Support 100 years of independent journalism.

  1. World
  2. Americas
  3. North America
27 January 2017updated 02 Aug 2021 12:41pm

Theresa May walks the tightrope with Donald Trump – so far

The Prime Minister will be pleased with herself - but she is not on the other side of the ravine just yet. 

By Stephen Bush

Theresa May’s trip to see Donald Trump was fraught with peril. It held out the possibility of a great prize: a sign of viability for the Brexit project through the promise of a trade deal with the United States.

But it also held great danger: May will know only too well that a decade ago, Tony Blair was in the final months of his time in Downing Street, and that a once popular Prime Minister saw his standing at home diminished due to his proximity to an unpopular American president.

Though May regularly tops the league as far as the popularity rankings are concerned, she is nowhere near Blair at the peak of his popularity. Trump, meanwhile, is an entirely different – and more terrifying – type of politician than the younger Bush ever was.

May did a good job of marking out areas of disagreement, first in her speech to Republican lawmakers in Philadelphia, and then today, through her careful performance in front of the cameras. A particular gem: her use of the word “stunning” to describe Trump’s victory. The President will likely take very differently than Conservative MPs watching at home.

As far as the coalition that matters to May right now – that is, Conservative MPs – the event was an unlimited success. She kept the idea of a trade deal on the road, but didn’t bend the knee to Trump. It was a tricky tightrope, but she walked it well.

Select and enter your email address Quick and essential guide to domestic and global politics from the New Statesman's politics team. A weekly newsletter helping you fit together the pieces of the global economic slowdown. The New Statesman’s global affairs newsletter, every Monday and Friday. The New Statesman’s weekly environment email on the politics, business and culture of the climate and nature crises - in your inbox every Thursday. Our weekly culture newsletter – from books and art to pop culture and memes – sent every Friday. A weekly round-up of some of the best articles featured in the most recent issue of the New Statesman, sent each Saturday. A newsletter showcasing the finest writing from the ideas section and the NS archive, covering political ideas, philosophy, criticism and intellectual history - sent every Wednesday. Sign up to receive information regarding NS events, subscription offers & product updates.
  • Administration / Office
  • Arts and Culture
  • Board Member
  • Business / Corporate Services
  • Client / Customer Services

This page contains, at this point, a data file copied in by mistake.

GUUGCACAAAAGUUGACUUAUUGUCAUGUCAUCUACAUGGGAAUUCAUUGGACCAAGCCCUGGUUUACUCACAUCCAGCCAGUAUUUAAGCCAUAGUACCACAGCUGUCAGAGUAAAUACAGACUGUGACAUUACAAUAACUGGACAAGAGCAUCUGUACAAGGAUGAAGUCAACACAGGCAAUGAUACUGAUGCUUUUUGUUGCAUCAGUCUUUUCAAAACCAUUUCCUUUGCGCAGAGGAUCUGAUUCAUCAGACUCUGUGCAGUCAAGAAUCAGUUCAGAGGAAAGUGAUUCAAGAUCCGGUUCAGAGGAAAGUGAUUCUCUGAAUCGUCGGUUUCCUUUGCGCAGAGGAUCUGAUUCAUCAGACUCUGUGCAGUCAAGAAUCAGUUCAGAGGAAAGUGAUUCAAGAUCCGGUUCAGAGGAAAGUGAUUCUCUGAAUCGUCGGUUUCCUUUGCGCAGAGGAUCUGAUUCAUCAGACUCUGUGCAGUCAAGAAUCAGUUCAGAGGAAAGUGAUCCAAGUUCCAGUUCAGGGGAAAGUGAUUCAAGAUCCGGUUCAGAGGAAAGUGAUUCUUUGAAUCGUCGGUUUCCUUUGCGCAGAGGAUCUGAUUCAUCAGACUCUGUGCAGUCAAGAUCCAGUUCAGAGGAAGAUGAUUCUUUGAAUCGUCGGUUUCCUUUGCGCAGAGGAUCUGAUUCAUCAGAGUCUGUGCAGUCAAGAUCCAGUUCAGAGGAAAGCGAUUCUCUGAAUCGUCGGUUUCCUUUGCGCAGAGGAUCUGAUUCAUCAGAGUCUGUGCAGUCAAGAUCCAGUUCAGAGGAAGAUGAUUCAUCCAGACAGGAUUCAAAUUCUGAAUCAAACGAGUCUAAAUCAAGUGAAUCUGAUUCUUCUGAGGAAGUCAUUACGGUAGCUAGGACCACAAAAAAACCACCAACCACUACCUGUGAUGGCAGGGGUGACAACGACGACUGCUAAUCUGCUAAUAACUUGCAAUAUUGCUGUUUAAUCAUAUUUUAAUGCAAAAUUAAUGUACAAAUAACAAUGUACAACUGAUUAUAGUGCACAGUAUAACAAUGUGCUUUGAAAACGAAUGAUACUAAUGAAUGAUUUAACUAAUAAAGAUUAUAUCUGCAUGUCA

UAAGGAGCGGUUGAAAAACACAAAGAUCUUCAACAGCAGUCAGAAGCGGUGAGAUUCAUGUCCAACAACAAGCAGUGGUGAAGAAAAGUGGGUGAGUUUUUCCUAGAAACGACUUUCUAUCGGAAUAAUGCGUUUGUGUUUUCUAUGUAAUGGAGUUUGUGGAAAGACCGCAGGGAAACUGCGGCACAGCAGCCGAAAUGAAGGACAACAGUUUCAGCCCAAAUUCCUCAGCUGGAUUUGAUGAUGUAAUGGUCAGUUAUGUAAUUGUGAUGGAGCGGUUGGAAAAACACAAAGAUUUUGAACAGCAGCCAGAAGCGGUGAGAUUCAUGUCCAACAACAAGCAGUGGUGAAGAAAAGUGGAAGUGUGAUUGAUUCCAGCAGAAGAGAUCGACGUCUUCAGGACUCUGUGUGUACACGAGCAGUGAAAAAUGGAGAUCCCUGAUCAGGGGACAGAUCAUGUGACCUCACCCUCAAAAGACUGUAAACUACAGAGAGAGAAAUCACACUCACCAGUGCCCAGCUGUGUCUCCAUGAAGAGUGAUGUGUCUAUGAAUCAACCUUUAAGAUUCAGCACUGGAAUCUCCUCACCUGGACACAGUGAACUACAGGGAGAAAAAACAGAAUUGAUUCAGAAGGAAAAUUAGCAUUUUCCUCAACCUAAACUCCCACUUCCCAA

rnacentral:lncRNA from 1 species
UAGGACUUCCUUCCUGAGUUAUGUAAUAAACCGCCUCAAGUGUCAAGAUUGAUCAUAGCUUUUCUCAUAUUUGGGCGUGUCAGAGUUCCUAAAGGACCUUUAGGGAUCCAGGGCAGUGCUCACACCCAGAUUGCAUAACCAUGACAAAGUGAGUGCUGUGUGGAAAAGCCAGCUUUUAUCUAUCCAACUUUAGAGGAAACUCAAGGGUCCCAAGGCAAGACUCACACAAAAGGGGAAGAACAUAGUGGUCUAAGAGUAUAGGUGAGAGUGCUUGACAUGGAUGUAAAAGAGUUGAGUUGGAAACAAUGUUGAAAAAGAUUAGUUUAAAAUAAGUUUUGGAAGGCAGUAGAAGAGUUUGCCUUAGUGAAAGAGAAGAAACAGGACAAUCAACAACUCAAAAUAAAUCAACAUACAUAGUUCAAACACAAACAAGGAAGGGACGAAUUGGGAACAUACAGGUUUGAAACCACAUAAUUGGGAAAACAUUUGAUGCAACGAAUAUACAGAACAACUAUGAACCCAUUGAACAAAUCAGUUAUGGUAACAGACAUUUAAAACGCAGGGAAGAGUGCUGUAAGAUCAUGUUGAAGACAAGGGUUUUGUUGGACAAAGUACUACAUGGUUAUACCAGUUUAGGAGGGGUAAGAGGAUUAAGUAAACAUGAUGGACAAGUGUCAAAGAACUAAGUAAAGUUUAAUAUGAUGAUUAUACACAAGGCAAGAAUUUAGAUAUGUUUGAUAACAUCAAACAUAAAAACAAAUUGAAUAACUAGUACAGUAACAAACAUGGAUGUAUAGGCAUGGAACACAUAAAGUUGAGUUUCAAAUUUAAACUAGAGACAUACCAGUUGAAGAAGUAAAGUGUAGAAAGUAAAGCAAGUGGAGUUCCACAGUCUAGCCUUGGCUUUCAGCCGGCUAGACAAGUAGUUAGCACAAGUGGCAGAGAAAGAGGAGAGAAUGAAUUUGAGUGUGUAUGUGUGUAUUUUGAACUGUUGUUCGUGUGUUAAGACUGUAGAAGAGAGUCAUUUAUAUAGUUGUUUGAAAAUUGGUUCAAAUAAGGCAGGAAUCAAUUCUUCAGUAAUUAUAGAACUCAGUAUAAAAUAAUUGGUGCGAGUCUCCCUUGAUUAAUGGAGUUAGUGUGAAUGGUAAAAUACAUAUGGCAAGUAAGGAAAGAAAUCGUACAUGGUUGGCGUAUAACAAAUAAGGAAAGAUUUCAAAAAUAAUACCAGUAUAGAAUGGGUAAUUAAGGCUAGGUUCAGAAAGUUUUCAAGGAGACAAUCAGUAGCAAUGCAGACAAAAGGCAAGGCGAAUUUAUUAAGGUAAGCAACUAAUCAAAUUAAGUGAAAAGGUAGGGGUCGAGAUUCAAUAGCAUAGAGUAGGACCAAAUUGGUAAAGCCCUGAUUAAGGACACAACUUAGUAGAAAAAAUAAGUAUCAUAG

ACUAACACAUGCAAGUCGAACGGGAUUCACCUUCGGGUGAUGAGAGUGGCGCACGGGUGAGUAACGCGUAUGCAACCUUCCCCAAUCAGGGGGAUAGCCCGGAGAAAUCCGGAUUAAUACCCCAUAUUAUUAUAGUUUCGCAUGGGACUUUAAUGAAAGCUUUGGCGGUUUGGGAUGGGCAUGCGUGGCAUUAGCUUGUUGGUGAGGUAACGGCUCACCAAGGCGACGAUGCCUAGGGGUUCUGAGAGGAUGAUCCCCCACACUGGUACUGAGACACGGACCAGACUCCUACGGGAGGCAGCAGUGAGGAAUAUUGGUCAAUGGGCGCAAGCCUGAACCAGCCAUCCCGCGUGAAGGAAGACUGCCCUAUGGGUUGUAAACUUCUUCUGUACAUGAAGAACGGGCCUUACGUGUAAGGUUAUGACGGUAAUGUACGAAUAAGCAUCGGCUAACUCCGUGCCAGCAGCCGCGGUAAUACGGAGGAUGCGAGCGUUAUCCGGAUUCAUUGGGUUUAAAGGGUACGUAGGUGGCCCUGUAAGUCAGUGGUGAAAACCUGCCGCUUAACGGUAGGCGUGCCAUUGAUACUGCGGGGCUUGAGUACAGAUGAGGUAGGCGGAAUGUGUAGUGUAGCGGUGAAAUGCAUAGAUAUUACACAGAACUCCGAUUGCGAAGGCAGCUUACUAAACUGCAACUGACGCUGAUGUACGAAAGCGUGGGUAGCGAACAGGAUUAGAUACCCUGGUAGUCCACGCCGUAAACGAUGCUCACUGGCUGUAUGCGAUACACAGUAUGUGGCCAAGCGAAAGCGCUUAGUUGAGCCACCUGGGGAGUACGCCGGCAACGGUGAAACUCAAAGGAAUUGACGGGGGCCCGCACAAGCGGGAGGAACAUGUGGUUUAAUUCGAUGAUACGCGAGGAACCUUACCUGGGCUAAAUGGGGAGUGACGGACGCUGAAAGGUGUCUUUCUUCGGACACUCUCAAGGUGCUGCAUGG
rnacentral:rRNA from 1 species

• Communications
  • Construction, Works, Engineering
  • Education, Curriculum and Teaching
  • Environment, Conservation and NRM
  • Facility / Grounds Management and Maintenance
  • Finance Management
  • Health - Medical and Nursing Management
  • HR, Training and Organisational Development
  • Information and Communications Technology
  • Information Services, Statistics, Records, Archives
  • Infrastructure Management - Transport, Utilities
  • Legal Officers and Practitioners
  • Librarians and Library Management
  • Management
  • Marketing
  • OH&S, Risk Management
  • Operations Management
  • Planning, Policy, Strategy
  • Printing, Design, Publishing, Web
  • Projects, Programs and Advisors
  • Property, Assets and Fleet Management
  • Public Relations and Media
  • Purchasing and Procurement
  • Quality Management
  • Science and Technical Research and Development
  • Security and Law Enforcement
  • Service Delivery
  • Sport and Recreation
  • Travel, Accommodation, Tourism
  • Wellbeing, Community / Social Services
Visit our privacy Policy for more information about our services, how New Statesman Media Group may use, process and share your personal data, including information on your rights in respect of your personal data and how you can unsubscribe from future marketing communications.
THANK YOU

But she is nowhere close to the other side of the ravine just yet. As I’ve written before, Trump almost always lies, so you can take almost everything he says with an oceansworth of salt.

Content from our partners
Are we there yet with electric cars? The EV story – with Wejo
Sherif Tawfik: The Middle East and Africa are ready to lead on the climate
Harnessing breakthrough thinking

But pay attention to what he didn’t say: he didn’t rule out lifting sanctions on Vladimir Putin’s Russia, nor did he move any closer to May’s  more hostile position towards the Russian autocrat. He might not have contradicted May as far as the importance of Nato is concerned, but he didn’t back her up, either. 

Neither of them talked about the Iran deal, which Trump has pledged to dismantle and May has defended. Though in terms of the Russian question: the Kremlin put a lot of energy into the Iran deal and if Trump and Putin do fall out, it will surely be over the Iran deal.

There was evidence, too, of the chill winds that could yet blow May off the tightrope, in Trump’s reaction to a tough question from the BBC’s Laura Kuenssberg. A visibly angry Trump caused nervous laughter by saying “there goes that relationship”. Trump’s distaste for dissent and the free press is on full display whenever you check Twitter, and sooner or later May may be forced to publicly upbraid him or face a barracking back home. 

Absent, too, was any real commitment on the Holy Grail of this trip: that US-UK trade deal. 

Topics in this article :